What Is Ham Radio?

Copyright © 2002, 2014 by Blaine S Nay (NL7EL), Cedar City, Utah, USA
FCC Amateur Extra Class Licensee, Licensed Since 1963
Previous calls: WN7FTQ, WA7JJQ, N5DBF, WD4SLF
Life member, ARRL; ARRL VE; 10-10: 58011

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Serving the online community since 1992

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Hams in Action

A retired military officer in North Carolina makes friends over the radio with a ham in Lithuania. An Ohio teenager uses her computer to upload a chess move to an orbiting space satellite, where it's retrieved by a fellow chess enthusiast in Japan. An aircraft engineer in Florida participating in a "DX contest" swaps call signs with hams in 100 countries in a weekend. In California, volunteers save lives as part of their involvement in an emergency communications net. And at the scene of a traffic accident on a Chicago freeway, a ham calls for help by using a pocket-sized hand-held radio.

This unique mix of fun, public service and convenience is the distinguishing characteristic of the hobby called Amateur Radio. Although hams get involved in Amateur Radio for many reasons, they all have in common a basic knowledge of radio technology, regulations and operating principles, demonstrated by passing an examination for a license to operate on radio frequencies known as the "Amateur Bands." These frequencies are reserved by the Federal Communications Commission for use by hams at intervals from just above the AM broadcast band all the way up into extremely high microwave frequencies.

What is the "Typical Ham"?

Amateur radio operators come from all walks of life -- movie stars, missionaries, doctors, students, politicians, truck drivers and just plain folks. They are all ages, sexes, income levels and nationalities. But whether they prefer Morse Code on an old brass telegraph key through a low power transmitter, voice communication on a hand-held radio or computer messages transmitted through satellites, they all have an interest in what's happening in the world, and they use radio to reach out.

What's The Appeal Of Ham Radio?

Some hams are attracted by the ability to communicate across the country, around the globe, even with astronauts on space missions. Others build and experiment with electronics. Computer hobbyists find packet radio to be a low-cost way to expand their ability to communicate. Those with a competitive streak enjoy DX contests, where the object is to see how many distant locations they can contact. Some like the convenience of a technology that gives them portable communication. Others use it to open the door to new friendships over the air or through participation in one of more than 2000 Amateur Radio clubs throughout the country.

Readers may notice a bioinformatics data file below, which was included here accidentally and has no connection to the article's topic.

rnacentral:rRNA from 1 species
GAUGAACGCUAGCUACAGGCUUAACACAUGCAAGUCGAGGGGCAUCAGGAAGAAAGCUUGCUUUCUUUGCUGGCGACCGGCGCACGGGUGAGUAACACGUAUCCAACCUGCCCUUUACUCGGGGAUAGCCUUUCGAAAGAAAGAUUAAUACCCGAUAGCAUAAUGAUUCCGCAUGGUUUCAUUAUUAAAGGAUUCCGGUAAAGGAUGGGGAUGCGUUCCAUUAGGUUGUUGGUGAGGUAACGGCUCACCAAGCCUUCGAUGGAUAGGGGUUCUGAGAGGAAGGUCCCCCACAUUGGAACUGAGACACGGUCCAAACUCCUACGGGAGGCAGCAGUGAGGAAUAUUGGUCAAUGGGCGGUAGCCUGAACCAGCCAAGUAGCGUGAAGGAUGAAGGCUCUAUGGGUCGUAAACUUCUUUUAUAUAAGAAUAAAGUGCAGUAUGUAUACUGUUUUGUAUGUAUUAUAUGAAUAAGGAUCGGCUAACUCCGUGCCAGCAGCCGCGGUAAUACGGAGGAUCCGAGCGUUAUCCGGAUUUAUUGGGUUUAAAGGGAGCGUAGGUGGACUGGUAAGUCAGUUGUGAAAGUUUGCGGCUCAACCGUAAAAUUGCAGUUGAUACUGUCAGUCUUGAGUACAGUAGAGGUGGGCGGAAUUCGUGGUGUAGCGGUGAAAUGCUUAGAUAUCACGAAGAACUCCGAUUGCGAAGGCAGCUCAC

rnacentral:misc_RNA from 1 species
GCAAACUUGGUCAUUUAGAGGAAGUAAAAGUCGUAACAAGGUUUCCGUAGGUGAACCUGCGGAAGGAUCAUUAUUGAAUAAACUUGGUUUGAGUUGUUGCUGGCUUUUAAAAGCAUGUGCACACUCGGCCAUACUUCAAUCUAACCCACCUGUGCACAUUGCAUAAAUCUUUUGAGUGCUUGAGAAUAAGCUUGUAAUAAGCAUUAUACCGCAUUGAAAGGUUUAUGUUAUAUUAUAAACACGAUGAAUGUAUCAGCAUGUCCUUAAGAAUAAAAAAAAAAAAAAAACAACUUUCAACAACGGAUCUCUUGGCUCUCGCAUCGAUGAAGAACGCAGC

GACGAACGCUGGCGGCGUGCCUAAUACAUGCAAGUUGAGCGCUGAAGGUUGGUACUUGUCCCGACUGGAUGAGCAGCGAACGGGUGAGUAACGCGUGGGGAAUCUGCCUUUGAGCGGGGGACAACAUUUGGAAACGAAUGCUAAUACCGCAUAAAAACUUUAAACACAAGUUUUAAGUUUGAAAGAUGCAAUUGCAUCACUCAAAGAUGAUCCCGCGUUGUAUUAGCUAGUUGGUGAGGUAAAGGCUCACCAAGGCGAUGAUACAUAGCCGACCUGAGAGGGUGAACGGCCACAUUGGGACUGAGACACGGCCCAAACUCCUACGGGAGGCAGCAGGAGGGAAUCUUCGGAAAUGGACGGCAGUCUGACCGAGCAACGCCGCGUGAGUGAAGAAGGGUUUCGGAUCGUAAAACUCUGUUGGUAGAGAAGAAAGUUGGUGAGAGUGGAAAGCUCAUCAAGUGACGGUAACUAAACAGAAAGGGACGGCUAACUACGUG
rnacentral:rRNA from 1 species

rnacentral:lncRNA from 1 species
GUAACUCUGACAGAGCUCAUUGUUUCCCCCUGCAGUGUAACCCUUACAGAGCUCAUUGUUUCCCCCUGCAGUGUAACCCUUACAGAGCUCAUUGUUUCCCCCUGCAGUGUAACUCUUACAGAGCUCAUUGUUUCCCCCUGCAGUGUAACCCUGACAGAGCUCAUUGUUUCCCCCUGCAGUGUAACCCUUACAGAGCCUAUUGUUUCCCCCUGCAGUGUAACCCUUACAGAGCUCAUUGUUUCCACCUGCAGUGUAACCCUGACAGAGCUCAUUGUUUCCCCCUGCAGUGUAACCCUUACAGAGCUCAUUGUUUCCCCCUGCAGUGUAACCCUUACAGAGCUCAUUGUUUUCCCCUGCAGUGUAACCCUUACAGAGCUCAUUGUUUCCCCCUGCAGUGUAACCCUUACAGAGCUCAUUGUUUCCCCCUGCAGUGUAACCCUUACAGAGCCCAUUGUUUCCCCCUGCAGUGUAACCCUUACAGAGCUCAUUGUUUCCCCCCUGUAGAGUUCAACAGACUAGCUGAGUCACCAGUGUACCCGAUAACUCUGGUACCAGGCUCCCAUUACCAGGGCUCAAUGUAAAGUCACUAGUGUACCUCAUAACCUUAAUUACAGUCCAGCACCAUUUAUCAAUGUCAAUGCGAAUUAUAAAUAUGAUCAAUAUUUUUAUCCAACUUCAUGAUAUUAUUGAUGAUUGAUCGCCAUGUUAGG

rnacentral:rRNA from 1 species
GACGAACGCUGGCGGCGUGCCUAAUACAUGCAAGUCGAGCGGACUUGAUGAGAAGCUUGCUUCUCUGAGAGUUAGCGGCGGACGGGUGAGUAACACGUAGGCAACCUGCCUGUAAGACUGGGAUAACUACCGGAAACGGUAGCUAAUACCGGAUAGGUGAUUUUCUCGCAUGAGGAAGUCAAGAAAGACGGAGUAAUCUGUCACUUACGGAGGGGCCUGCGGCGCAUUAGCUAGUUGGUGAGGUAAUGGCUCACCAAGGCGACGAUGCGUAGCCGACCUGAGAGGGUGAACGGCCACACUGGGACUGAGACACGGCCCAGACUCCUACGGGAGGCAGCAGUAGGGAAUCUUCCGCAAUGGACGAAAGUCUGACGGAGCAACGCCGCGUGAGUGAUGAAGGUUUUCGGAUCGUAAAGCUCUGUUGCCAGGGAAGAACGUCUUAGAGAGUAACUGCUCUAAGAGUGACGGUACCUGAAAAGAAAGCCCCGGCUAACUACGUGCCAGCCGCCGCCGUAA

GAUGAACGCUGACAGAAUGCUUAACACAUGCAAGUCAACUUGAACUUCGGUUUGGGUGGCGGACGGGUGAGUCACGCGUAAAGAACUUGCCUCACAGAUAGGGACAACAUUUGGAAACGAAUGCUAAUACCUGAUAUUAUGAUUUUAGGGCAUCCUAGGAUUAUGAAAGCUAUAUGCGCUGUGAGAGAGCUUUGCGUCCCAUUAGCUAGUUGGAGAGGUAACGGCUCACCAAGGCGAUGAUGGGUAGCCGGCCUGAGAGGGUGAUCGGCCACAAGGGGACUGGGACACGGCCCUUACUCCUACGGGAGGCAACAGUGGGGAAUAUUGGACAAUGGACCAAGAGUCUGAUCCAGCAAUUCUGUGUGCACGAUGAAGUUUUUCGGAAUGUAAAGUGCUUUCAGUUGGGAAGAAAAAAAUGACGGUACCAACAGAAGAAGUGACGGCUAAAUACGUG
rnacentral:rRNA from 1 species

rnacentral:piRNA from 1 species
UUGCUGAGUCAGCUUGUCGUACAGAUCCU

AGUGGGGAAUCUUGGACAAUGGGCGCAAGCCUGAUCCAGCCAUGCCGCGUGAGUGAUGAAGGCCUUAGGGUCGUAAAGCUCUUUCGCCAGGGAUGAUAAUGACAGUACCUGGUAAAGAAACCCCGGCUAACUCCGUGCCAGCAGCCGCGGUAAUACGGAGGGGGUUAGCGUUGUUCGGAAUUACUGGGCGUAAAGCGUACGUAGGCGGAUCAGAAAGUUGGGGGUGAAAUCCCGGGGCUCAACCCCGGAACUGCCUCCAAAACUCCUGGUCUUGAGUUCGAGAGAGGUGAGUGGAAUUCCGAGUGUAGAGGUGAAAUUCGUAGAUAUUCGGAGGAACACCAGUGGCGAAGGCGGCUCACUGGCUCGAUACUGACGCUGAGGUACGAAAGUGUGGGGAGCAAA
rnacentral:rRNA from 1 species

A Proud History

Nobody knows when Amateur Radio operators were first called "hams," but we do know that Amateur Radio is as old as the history of radio itself. Not long after Guglielmo Marconi, an Italian experimenter, transmitted the Morse Code letter "s" from Newfoundland to England in 1901, amateur experimenters throughout the world were trying out the capabilities of the first "spark gap" transmitters. In 1912 Congress passed the first laws regulating radio transmissions in the U.S. By 1914, Amateur experimenters were communicating nation-wide, and setting up a system to relay messages from coast to coast (whence the name American Radio Relay League). In 1927, the FCC was created by Congress and specific frequencies were assigned for various uses, including ham bands.

Hams Need Licenses?